Other firms advertise low ball prices that are completely unrealistic just to get people to call them. But, those fees are unsustainable from a business perspective; they don’t even cover overhead, which means their own marketing is running them out of business or they get so many new clients, they can’t give every one the time and attention they deserve. I wonder how many clients would be eager to retain a firm if they knew that the firm was struggling to keep the doors open, and/or that the firm may not even have the time and resources to devote to each case that it takes in.

As I wrote previously, I recently began marketing my criminal defense, mediation, family law, and bankruptcy services on thumbtack.com. (See listing). I also use Avvo.com, Facebook, WordPress, Twitter, LinkedIn, and other forms of web-based referral marketing. If you have time, please visit my various referral sites to give me feedback. Or, respond here to let me know what kinds of things you would (or do) look for in an attorney in order to meet your legal needs.

My sites are listed here:

Attorney service on Thumbtack.com

The legal world is highly competitive – and not just in the courtroom. I recently began marketing my criminal defense, mediation, family law, and bankruptcy services on thumbtack.com. (See listing). Since I also use Avvo.com, Facebook, Wordpress, Twitter, LinkedIn, and other forms of web-based referral marketing, I figured Thumbtack would be worth the effort. The goal, of course, is to keep my firm in the public eye, but I sometimes wonder at what point are there diminishing returns.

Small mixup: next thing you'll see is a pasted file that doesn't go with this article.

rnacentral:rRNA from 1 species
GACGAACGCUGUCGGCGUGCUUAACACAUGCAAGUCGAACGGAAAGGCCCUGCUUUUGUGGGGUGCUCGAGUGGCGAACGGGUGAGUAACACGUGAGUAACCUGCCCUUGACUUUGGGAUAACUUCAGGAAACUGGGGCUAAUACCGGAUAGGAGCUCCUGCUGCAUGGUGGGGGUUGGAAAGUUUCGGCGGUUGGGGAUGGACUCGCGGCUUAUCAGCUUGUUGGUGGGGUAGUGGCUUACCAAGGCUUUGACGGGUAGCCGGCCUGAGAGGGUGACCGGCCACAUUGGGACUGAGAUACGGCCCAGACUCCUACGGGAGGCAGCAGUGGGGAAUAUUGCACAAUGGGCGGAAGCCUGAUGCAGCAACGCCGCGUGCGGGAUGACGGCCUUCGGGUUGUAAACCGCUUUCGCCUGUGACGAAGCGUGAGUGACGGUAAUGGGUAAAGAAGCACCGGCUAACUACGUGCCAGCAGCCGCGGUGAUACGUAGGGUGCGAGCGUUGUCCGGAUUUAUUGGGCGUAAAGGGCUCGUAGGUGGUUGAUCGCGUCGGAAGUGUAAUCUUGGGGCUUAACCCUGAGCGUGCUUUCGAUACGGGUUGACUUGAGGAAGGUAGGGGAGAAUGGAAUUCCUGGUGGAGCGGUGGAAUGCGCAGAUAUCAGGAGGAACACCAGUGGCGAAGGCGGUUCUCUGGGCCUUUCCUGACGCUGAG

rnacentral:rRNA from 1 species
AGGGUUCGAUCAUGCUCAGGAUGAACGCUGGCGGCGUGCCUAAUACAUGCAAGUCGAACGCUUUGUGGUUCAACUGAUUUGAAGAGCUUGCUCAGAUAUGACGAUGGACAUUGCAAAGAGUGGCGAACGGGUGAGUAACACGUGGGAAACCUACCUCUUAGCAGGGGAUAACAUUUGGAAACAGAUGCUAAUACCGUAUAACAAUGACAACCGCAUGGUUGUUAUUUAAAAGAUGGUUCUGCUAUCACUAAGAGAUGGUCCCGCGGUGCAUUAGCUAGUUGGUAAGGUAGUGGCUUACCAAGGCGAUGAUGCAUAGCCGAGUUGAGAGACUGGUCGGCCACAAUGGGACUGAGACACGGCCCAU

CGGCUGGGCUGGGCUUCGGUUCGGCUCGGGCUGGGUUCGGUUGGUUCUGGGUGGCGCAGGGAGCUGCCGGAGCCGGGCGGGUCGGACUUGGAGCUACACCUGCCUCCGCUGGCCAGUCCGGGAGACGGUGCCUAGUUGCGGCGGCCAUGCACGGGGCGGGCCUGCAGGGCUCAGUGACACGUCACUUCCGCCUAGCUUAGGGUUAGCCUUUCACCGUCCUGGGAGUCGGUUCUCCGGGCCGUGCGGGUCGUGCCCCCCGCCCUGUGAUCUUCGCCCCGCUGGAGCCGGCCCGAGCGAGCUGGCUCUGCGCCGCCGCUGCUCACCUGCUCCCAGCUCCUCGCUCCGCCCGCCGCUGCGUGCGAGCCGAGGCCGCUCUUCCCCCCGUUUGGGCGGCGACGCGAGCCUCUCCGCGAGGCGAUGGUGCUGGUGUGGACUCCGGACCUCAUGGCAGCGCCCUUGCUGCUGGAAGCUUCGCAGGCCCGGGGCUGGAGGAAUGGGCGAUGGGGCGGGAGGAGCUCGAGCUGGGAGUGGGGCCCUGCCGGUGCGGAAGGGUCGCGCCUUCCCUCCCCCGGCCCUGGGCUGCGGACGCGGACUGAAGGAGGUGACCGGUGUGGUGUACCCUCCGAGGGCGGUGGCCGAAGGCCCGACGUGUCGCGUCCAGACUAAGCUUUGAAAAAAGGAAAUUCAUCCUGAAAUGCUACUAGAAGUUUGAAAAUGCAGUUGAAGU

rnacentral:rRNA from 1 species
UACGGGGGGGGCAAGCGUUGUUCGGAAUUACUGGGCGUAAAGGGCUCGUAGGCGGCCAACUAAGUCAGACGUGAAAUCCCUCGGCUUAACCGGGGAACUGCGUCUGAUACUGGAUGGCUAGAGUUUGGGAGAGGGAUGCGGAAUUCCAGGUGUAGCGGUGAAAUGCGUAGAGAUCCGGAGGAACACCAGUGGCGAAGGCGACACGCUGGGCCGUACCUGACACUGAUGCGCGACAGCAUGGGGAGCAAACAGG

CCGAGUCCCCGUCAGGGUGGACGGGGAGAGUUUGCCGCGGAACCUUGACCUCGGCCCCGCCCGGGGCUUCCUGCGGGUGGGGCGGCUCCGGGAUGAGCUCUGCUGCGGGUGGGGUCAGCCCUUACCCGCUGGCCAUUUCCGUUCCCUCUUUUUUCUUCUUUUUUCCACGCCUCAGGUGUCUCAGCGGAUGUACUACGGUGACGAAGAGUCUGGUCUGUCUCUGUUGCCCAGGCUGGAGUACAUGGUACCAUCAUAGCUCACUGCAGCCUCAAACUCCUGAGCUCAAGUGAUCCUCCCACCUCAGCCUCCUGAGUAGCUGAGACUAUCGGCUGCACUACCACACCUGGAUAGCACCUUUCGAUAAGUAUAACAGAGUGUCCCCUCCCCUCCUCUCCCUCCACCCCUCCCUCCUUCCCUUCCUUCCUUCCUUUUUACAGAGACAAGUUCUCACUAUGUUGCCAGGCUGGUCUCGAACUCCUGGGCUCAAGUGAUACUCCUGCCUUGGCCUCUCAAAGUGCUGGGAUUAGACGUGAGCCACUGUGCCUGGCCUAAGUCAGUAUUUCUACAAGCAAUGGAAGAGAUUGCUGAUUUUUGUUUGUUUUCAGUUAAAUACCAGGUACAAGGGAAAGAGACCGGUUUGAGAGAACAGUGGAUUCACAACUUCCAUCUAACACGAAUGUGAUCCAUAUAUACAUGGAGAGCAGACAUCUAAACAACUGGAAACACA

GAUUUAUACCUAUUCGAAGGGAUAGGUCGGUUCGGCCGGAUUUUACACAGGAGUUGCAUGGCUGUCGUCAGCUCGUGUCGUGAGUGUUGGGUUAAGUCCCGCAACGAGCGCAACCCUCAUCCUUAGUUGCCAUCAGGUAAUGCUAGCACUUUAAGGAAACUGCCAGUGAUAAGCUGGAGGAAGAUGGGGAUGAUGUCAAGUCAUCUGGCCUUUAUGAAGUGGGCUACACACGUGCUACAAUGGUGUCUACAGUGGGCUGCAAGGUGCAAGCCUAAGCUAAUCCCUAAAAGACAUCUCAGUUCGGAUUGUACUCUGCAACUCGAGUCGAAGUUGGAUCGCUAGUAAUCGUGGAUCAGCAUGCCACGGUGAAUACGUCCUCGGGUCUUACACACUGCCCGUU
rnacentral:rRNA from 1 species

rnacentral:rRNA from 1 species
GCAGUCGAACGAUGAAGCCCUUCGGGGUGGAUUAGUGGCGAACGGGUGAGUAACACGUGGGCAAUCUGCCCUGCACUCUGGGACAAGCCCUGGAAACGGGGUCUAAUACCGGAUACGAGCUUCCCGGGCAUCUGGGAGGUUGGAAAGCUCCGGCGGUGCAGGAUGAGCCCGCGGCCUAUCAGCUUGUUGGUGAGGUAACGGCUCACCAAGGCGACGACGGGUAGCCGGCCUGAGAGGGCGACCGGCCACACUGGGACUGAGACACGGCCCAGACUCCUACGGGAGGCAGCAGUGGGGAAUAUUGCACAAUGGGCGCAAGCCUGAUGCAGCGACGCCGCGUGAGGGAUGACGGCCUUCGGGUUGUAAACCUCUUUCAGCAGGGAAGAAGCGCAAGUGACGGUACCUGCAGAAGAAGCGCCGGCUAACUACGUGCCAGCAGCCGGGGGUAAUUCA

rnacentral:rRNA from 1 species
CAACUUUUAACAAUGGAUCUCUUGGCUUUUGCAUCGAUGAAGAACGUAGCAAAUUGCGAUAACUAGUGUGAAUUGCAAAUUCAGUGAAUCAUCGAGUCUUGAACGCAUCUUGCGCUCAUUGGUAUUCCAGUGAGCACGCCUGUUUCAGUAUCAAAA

Advertising is a must in this day and age. There are so many lawyers competing for clients in Michigan and throughout the U.S. The economy, while allegedly on the mend, has seen big firms lay off senior and mid-level attorneys in droves; those same big firms have also stopped or delayed in hiring new attorneys. This means that there are more and more attorneys opening their own law practices and saturating the marketplace.